The potential for consumer abuse in funeral planning are many, but despite years of attention, the data on business practices still remain limited and needing cautious interpretation (Kopp and Kemp 2007). No one denies that predatory lending has injured many consumers (Hill and Kozup 2007). But over time, the term has grown to label all sorts of practices, from the generally legal at one end and extending through the spectrum of undesirable, unethical, and illegal efforts of fraud. As the term loses specificity, the research itself could become diffuse in a way that only confuses meaningful directions for corrective regulatory actions (Delgadillo, Erickson, and Piercy 2008). Similarly, consumer activists who label any communications that might persuade consumers as “advertising” also presume that the possibility of influence translates into an actual manipulation of consumers’ purchase decisions. In the end, the term itself loses meaning or research loses credibility, as the particular concerns for needed regulatory responses might become misdirected or misunderstood (Rotfeld 2008).

A myriad of issues of method or sample selection limit the generalizations of any study, impacting how the study can be interpreted and what can validly be concluded from findings (e.g., see Carlson 2008; Royne 2008). JCA reviewers repeatedly direct authors to rein in conclusions to what the data support. Even in defense of the consumers’ interests, companies selling publicly disliked products can be doing something positive.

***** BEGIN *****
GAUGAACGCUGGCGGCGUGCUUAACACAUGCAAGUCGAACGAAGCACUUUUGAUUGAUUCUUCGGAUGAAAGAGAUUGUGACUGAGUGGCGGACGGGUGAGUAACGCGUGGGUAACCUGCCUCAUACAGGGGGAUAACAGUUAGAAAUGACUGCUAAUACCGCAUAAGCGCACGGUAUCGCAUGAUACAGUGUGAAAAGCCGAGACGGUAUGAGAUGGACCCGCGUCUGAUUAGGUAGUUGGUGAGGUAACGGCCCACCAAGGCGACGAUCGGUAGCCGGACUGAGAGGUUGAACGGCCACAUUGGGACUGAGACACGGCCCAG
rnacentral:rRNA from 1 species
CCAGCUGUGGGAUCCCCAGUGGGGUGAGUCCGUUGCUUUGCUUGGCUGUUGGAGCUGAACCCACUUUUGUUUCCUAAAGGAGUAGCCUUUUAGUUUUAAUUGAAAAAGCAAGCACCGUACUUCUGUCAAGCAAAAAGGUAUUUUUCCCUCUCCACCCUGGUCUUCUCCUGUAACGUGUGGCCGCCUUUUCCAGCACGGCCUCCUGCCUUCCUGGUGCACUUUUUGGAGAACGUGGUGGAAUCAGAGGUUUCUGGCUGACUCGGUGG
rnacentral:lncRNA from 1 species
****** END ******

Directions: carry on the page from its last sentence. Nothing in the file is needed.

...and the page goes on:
Dubious conclusions do not acquire validity just because they might be labeled opinions. Off-hand comments in a refereed journal carry the danger of being cited as if they were research findings, and the opinions could find a life beyond that of the data or related theories. In the earliest research studies on message appeals to audience fears, the authors’ off-hand comment speculating about unexpected results became a data expectation repeated without end in all textbooks covering the topic, despite the original speculation never finding theoretical support (Rotfeld 2000). In a different research area, my 1981 article’s background literature reviewed some then-recent regulatory practices, stating at the end that the trend “will probably” continue in the near term. To this day, that article is still cited in manuscripts that manage to ignore the research as they present my long ago comment as an authoritative prediction for the future as if it was published in 2008.

Admittedly, some researchers are advocates, so they feel that they must state as strong a case as they think the data might support. Yet the power of persuasion lies not in sounding alarmist or extreme, but in stating what is known. In the end, the strongest case derives from distinguishing between what the results indicate you really can say and what remains uncertain.

  • 1

    To my friends and colleagues, I hereby vow that this is the last time I will say or write this phrase.


  1. Top of page
  2. References